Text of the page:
Good Job!

If you have been doing this intentionally and consistently, you may be getting bored and feel like Maverick: "Doc! I feel the need for speed!"

There is an adage in sports training and rehabilitation: "Speed Hides Need." If you really want to see where someone is having trouble with movement, you slow them down! Our brains are very interesting things: once you have a target in mind - mental, emotional or physical - it will pretty much do anything it has to in order to achieve that goal. Sometimes that is good, like in cases of emergency or danger. However, if you are constantly "cheating" to achieve a movement multiple times in a day, not only are you reinforcing abnormal movement, but you are accumulating damage along the way! Slowly but surely, your brain figures out that you can't be trusted with the movement so it starts to take it away from you. Over time, you can no longer get up and down without moaning and groaning, let alone get off the floor!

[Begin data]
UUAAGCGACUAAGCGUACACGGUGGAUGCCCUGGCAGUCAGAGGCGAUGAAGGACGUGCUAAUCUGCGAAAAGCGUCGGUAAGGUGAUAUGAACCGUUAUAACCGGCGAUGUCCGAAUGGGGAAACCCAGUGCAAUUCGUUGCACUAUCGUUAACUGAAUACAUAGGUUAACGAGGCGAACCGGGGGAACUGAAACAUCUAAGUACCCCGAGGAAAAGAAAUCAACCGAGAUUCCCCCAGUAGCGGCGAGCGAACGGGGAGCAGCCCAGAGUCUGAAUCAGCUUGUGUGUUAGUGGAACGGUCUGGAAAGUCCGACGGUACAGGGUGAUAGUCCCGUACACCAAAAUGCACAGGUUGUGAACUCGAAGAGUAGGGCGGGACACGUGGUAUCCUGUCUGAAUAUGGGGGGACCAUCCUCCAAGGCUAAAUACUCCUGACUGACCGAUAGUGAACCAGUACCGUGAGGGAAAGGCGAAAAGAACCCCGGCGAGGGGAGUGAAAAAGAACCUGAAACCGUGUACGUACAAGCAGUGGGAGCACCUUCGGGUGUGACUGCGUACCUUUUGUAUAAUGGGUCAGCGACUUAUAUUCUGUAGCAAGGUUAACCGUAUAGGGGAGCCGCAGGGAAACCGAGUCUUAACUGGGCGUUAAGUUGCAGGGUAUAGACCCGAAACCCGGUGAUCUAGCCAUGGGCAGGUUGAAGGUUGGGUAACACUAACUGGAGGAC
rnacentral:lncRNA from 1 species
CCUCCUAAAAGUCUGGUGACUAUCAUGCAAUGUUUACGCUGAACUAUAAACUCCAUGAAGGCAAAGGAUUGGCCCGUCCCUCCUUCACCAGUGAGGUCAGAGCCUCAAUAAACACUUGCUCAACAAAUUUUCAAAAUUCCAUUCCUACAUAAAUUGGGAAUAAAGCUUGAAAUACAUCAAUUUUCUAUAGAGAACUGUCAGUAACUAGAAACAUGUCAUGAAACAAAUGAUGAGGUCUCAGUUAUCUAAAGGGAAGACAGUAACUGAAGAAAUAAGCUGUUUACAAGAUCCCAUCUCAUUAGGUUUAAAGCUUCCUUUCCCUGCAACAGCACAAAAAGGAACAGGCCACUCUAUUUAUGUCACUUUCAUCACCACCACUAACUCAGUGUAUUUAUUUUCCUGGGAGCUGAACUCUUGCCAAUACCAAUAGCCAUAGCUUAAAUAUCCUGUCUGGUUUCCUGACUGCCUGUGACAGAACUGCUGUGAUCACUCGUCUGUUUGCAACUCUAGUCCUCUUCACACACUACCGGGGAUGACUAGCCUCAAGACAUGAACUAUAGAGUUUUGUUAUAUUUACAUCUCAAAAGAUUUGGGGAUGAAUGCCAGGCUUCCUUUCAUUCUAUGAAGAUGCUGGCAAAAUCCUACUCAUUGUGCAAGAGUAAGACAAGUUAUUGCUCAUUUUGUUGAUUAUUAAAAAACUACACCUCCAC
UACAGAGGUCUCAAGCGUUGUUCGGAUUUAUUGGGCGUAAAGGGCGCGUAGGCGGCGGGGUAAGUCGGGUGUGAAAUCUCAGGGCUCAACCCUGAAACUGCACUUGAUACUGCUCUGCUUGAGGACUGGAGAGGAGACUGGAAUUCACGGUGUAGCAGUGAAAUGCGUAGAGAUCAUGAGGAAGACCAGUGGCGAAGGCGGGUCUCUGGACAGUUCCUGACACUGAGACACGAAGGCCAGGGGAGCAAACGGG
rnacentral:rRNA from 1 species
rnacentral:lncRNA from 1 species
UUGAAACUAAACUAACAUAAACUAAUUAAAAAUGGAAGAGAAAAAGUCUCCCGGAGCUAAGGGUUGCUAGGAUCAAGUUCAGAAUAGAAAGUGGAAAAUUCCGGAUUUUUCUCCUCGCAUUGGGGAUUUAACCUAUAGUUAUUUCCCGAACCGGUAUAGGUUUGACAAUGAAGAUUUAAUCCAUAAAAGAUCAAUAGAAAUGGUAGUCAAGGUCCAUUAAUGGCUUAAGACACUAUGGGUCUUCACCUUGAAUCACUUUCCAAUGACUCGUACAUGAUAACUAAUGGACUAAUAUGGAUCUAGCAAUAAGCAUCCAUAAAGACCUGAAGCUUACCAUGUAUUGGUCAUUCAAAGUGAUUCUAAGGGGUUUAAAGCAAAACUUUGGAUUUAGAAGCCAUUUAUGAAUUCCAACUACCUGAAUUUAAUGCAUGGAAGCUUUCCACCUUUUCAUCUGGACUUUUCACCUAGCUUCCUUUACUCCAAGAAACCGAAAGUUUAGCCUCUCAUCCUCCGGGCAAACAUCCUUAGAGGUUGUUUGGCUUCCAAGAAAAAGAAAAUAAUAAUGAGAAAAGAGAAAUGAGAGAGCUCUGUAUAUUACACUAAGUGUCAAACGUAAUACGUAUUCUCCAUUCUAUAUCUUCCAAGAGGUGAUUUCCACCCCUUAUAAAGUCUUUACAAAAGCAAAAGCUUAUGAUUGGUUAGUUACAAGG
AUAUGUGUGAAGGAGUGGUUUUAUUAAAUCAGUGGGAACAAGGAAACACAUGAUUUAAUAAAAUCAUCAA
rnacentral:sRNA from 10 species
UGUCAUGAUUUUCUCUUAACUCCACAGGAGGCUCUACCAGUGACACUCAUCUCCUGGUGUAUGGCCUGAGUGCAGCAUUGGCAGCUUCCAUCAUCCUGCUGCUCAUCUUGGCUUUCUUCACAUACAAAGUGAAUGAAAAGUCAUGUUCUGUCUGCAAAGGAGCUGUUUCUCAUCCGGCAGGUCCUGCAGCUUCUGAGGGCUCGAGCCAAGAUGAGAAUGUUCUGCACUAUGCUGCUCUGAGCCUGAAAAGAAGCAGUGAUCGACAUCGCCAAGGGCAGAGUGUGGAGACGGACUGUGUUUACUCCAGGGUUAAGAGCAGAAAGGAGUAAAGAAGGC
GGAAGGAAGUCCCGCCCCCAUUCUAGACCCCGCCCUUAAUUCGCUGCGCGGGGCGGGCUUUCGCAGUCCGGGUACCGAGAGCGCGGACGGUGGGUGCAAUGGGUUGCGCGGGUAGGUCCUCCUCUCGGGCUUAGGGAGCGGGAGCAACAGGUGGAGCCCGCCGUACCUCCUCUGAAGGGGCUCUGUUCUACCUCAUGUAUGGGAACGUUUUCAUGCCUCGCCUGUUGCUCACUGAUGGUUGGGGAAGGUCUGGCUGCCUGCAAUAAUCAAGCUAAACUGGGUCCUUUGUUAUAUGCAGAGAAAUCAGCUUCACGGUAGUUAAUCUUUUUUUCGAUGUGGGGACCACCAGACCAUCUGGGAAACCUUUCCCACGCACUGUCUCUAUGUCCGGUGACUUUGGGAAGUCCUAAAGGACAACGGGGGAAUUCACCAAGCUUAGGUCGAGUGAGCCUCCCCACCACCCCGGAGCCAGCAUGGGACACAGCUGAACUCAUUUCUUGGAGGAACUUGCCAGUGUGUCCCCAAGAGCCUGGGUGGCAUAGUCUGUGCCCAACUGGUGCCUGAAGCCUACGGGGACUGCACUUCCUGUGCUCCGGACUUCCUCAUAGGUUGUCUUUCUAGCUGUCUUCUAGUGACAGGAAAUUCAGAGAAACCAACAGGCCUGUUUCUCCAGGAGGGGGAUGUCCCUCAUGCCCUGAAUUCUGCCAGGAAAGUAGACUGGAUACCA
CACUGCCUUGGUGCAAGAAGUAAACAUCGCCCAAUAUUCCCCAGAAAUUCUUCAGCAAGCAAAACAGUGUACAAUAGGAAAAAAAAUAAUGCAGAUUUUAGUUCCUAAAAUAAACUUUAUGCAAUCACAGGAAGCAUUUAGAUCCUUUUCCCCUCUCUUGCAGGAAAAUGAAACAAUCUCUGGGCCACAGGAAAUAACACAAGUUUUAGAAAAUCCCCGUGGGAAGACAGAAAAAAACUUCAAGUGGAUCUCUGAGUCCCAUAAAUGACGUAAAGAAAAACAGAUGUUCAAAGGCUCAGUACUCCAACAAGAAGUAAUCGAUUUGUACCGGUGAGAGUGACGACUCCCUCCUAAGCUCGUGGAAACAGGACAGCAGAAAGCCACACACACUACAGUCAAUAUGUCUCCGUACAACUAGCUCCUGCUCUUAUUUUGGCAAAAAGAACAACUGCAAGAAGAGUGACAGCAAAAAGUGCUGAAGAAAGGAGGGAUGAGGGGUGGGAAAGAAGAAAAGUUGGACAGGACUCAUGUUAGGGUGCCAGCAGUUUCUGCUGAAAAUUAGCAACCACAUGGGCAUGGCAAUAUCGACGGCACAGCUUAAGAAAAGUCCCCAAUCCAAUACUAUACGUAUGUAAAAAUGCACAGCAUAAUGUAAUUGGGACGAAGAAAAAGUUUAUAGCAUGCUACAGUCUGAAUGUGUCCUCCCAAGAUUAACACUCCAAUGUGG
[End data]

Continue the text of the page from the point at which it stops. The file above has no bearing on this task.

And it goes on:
So let's try the chair exercise again, only a little different:

  1. Slide to the edge of the chair and press your heels into the floor.
  2. Stand straight up from the hips, keeping your back straight, pushing your behind forward and up, while slowly counting to four, reaching the top at the four count.
  3. At the very end, tighten your glutes and squeeze your shoulder blades together, while slowly counting to four.
  4. Sit down the same way you came up, weight through the heels, back straight, while slowly counting to four hitting the bottom of the chair at the end of the count.

How did that feel? Was it harder? Did you find some places that were more difficult to control? Most of us never realize that we are not fully engaging our muscles through a given range of motion, we just get things done through momentum and work around! Slowing a movement down will bring out shortcomings quickly!

Now What?

Let's use this information to add another layer of mobility and stability to your butt.

If you have been working this exercise from an average size kitchen chair and found it harder when you slowed down to initiate movement and travel the first six inches up, and at about six inches away from the seat on the return trip, you just sort of fell onto the chair, that is very common!

Review and pick one of the two options below:

1. If you could complete the whole motion, but found it difficult (you didn't have to swing yourself out of the chair or just plop down at the end), do the following: